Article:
The consent form should not be confused with the consent process; the form just documents that the process has occurred. But the process must meet the local or international standard to make it valid. In other words, the signed form is not valid if the process involved is inadequate.

Requiring that the patient first consented was only half the task. The other half involved the patient’s receipt of sufficient information upon which to make a sound decision. Thus, the concept of informed consent is developed on the premise of two distinct components: a person’s inherent right to determine what happens to his or her body and a doctor’s inherent duty to provide a person with enough information so as to ensure that the patient’s ultimate decision is based on an appreciable knowledge of his/her condition, the available options for treatment, known risks and prognoses. This is known as the patient autonomy [6] . This means that the patient does not have a duty to inquire about risks or options; the duty rests with the treating doctor. The concept of informed consent is perhaps more closely related to surgical specialties than other clinical disciplines because of the necessity for patients’ decisions to participate in surgery and their authorization of surgeons to operate on them [7] .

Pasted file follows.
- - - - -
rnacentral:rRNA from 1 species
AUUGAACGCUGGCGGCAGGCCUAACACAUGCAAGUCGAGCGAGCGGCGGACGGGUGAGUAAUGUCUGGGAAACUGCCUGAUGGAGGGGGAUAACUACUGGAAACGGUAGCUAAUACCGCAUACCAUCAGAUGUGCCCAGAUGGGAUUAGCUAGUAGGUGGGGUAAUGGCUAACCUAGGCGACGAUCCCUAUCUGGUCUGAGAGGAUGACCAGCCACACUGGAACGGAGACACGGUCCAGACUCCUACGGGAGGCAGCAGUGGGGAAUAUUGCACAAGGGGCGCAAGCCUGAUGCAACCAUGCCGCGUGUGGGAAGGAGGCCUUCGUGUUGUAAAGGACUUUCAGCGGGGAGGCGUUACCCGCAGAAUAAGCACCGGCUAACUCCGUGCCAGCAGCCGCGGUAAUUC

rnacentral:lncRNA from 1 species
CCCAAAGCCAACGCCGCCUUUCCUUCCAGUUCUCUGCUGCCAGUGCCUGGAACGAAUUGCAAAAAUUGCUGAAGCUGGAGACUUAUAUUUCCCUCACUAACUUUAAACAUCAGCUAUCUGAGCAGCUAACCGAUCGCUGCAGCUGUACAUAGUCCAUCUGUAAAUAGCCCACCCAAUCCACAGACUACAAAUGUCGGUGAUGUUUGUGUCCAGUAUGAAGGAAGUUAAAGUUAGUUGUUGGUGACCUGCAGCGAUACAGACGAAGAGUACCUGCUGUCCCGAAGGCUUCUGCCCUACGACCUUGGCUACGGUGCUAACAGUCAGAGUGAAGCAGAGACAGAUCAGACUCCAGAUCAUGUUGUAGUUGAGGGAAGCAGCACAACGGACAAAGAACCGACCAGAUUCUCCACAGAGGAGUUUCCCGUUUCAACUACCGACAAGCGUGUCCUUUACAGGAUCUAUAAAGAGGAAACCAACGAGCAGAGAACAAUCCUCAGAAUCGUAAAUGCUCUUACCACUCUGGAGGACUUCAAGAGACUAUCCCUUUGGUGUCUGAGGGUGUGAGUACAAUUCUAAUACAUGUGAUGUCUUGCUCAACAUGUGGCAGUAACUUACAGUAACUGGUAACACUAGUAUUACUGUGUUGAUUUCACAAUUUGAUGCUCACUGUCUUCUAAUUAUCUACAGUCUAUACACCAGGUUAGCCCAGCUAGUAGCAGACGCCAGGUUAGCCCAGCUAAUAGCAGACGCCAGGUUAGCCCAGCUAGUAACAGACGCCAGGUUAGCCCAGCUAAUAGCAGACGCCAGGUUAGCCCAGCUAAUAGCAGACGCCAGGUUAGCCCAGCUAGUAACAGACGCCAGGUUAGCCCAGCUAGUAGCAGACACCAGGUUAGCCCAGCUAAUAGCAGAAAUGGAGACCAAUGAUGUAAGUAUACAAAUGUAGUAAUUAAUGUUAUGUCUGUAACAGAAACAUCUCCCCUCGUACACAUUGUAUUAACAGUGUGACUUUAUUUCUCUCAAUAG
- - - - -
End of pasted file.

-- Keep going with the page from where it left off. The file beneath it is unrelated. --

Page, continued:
In Ghana, our medical laws are not well developed and in the areas where they exist they have not being adequately tested in court of competent jurisdiction. The patient’s right charter has being adopted by the Ghana Health Service and is now a law for all health care practitioners to abide by it. A key component of this document is the concept of informed patient consent.

2. Aim

To assess patients’ knowledge of Patients Right Charter and to evaluate the quality of informed consent obtained by doctors to ascertain whether patients received adequate information to enable them make an informed choice to a particular treatment.

3. Method/Statistics